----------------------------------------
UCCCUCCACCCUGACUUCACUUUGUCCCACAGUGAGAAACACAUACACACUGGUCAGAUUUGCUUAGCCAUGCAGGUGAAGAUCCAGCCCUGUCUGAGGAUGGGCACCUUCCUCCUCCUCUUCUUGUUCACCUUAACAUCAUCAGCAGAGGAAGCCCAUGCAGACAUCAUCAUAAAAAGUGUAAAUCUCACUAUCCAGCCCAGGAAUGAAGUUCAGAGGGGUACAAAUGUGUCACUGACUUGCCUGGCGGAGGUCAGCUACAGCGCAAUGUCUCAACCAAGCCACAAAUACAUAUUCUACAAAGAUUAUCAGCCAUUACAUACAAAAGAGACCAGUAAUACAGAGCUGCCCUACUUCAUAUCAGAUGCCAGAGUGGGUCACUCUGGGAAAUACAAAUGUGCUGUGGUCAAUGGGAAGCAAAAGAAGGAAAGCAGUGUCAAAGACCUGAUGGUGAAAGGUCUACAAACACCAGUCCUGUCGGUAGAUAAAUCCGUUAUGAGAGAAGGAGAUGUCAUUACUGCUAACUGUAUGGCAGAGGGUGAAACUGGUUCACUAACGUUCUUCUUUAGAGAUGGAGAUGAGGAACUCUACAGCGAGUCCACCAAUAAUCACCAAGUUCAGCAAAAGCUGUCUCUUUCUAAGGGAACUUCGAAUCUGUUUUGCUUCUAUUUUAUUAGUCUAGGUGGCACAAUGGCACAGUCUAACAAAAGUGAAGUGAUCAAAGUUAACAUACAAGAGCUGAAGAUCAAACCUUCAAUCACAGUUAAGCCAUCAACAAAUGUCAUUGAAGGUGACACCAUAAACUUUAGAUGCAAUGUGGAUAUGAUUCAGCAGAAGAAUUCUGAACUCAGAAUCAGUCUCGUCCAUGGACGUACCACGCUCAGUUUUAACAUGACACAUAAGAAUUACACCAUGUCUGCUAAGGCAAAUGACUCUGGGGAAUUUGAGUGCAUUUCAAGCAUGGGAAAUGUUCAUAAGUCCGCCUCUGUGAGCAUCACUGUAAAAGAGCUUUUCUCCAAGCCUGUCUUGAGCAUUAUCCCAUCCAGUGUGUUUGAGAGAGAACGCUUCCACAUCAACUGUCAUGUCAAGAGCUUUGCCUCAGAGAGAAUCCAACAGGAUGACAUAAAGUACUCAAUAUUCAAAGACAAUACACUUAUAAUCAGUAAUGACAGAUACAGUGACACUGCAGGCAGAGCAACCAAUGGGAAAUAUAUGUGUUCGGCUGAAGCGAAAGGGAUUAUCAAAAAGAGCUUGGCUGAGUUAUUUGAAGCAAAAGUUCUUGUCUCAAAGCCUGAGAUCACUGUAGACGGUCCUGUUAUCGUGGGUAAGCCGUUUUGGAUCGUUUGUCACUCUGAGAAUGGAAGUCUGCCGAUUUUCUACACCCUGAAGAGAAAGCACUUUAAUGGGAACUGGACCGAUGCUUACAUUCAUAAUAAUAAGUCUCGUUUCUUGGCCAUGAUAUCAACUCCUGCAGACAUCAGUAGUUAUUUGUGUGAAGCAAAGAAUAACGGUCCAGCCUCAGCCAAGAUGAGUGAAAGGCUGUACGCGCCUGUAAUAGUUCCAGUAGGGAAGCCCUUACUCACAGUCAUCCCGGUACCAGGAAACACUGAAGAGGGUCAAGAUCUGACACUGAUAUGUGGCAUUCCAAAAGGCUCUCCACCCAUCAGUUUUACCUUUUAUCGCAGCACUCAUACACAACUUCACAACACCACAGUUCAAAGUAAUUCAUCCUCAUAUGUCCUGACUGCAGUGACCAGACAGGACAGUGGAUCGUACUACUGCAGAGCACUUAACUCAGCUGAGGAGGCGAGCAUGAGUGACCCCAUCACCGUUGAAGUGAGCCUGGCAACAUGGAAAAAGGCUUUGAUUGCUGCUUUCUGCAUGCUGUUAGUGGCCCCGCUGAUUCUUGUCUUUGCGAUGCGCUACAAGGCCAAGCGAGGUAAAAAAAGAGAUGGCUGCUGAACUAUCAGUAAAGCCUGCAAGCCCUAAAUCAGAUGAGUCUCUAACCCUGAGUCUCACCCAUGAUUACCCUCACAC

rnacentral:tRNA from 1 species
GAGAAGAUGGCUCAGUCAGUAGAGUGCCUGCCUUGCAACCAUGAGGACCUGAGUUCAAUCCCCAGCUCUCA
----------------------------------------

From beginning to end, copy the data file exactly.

UCCCUCCACCCUGACUUCACUUUGUCCCACAGUGAGAAACACAUACACACUGGUCAGAUUUGCUUAGCCAUGCAGGUGAAGAUCCAGCCCUGUCUGAGGAUGGGCACCUUCCUCCUCCUCUUCUUGUUCACCUUAACAUCAUCAGCAGAGGAAGCCCAUGCAGACAUCAUCAUAAAAAGUGUAAAUCUCACUAUCCAGCCCAGGAAUGAAGUUCAGAGGGGUACAAAUGUGUCACUGACUUGCCUGGCGGAGGUCAGCUACAGCGCAAUGUCUCAACCAAGCCACAAAUACAUAUUCUACAAAGAUUAUCAGCCAUUACAUACAAAAGAGACCAGUAAUACAGAGCUGCCCUACUUCAUAUCAGAUGCCAGAGUGGGUCACUCUGGGAAAUACAAAUGUGCUGUGGUCAAUGGGAAGCAAAAGAAGGAAAGCAGUGUCAAAGACCUGAUGGUGAAAGGUCUACAAACACCAGUCCUGUCGGUAGAUAAAUCCGUUAUGAGAGAAGGAGAUGUCAUUACUGCUAACUGUAUGGCAGAGGGUGAAACUGGUUCACUAACGUUCUUCUUUAGAGAUGGAGAUGAGGAACUCUACAGCGAGUCCACCAAUAAUCACCAAGUUCAGCAAAAGCUGUCUCUUUCUAAGGGAACUUCGAAUCUGUUUUGCUUCUAUUUUAUUAGUCUAGGUGGCACAAUGGCACAGUCUAACAAAAGUGAAGUGAUCAAAGUUAACAUACAAGAGCUGAAGAUCAAACCUUCAAUCACAGUUAAGCCAUCAACAAAUGUCAUUGAAGGUGACACCAUAAACUUUAGAUGCAAUGUGGAUAUGAUUCAGCAGAAGAAUUCUGAACUCAGAAUCAGUCUCGUCCAUGGACGUACCACGCUCAGUUUUAACAUGACACAUAAGAAUUACACCAUGUCUGCUAAGGCAAAUGACUCUGGGGAAUUUGAGUGCAUUUCAAGCAUGGGAAAUGUUCAUAAGUCCGCCUCUGUGAGCAUCACUGUAAAAGAGCUUUUCUCCAAGCCUGUCUUGAGCAUUAUCCCAUCCAGUGUGUUUGAGAGAGAACGCUUCCACAUCAACUGUCAUGUCAAGAGCUUUGCCUCAGAGAGAAUCCAACAGGAUGACAUAAAGUACUCAAUAUUCAAAGACAAUACACUUAUAAUCAGUAAUGACAGAUACAGUGACACUGCAGGCAGAGCAACCAAUGGGAAAUAUAUGUGUUCGGCUGAAGCGAAAGGGAUUAUCAAAAAGAGCUUGGCUGAGUUAUUUGAAGCAAAAGUUCUUGUCUCAAAGCCUGAGAUCACUGUAGACGGUCCUGUUAUCGUGGGUAAGCCGUUUUGGAUCGUUUGUCACUCUGAGAAUGGAAGUCUGCCGAUUUUCUACACCCUGAAGAGAAAGCACUUUAAUGGGAACUGGACCGAUGCUUACAUUCAUAAUAAUAAGUCUCGUUUCUUGGCCAUGAUAUCAACUCCUGCAGACAUCAGUAGUUAUUUGUGUGAAGCAAAGAAUAACGGUCCAGCCUCAGCCAAGAUGAGUGAAAGGCUGUACGCGCCUGUAAUAGUUCCAGUAGGGAAGCCCUUACUCACAGUCAUCCCGGUACCAGGAAACACUGAAGAGGGUCAAGAUCUGACACUGAUAUGUGGCAUUCCAAAAGGCUCUCCACCCAUCAGUUUUACCUUUUAUCGCAGCACUCAUACACAACUUCACAACACCACAGUUCAAAGUAAUUCAUCCUCAUAUGUCCUGACUGCAGUGACCAGACAGGACAGUGGAUCGUACUACUGCAGAGCACUUAACUCAGCUGAGGAGGCGAGCAUGAGUGACCCCAUCACCGUUGAAGUGAGCCUGGCAACAUGGAAAAAGGCUUUGAUUGCUGCUUUCUGCAUGCUGUUAGUGGCCCCGCUGAUUCUUGUCUUUGCGAUGCGCUACAAGGCCAAGCGAGGUAAAAAAAGAGAUGGCUGCUGAACUAUCAGUAAAGCCUGCAAGCCCUAAAUCAGAUGAGUCUCUAACCCUGAGUCUCACCCAUGAUUACCCUCACAC

rnacentral:tRNA from 1 species
GAGAAGAUGGCUCAGUCAGUAGAGUGCCUGCCUUGCAACCAUGAGGACCUGAGUUCAAUCCCCAGCUCUCA